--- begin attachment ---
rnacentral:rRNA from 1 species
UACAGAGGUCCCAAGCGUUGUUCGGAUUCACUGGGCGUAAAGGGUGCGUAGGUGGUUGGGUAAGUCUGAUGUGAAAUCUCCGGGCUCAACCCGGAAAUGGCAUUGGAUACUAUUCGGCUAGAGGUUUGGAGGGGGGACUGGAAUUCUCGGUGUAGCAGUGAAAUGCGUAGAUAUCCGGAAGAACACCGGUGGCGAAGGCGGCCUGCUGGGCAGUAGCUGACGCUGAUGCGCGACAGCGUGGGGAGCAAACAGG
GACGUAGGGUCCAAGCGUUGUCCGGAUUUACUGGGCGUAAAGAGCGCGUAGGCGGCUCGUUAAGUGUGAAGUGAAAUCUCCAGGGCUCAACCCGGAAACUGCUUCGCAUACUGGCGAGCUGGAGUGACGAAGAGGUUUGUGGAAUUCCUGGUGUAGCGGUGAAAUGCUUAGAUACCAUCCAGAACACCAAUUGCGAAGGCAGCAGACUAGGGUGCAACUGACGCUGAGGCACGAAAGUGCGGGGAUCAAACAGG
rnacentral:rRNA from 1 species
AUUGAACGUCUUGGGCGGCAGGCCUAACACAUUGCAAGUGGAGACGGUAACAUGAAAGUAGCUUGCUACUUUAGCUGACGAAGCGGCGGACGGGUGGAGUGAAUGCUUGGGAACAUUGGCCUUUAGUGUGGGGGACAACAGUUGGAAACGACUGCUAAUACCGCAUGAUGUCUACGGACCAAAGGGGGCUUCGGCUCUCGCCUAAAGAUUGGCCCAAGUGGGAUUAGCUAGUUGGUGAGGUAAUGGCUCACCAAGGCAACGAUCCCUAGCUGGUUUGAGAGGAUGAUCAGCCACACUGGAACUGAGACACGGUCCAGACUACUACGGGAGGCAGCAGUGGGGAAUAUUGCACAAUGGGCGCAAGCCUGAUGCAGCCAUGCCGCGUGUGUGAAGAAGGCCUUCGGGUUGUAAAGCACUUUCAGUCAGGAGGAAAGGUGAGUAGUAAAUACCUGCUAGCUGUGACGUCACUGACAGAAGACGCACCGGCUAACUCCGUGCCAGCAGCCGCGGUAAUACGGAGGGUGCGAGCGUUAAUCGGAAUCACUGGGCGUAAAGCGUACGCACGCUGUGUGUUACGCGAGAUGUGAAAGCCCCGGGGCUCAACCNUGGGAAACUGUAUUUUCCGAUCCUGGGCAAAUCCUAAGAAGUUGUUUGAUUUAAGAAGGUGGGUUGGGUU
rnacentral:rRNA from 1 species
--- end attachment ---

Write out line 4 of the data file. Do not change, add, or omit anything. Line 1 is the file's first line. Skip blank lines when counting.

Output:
rnacentral:rRNA from 1 species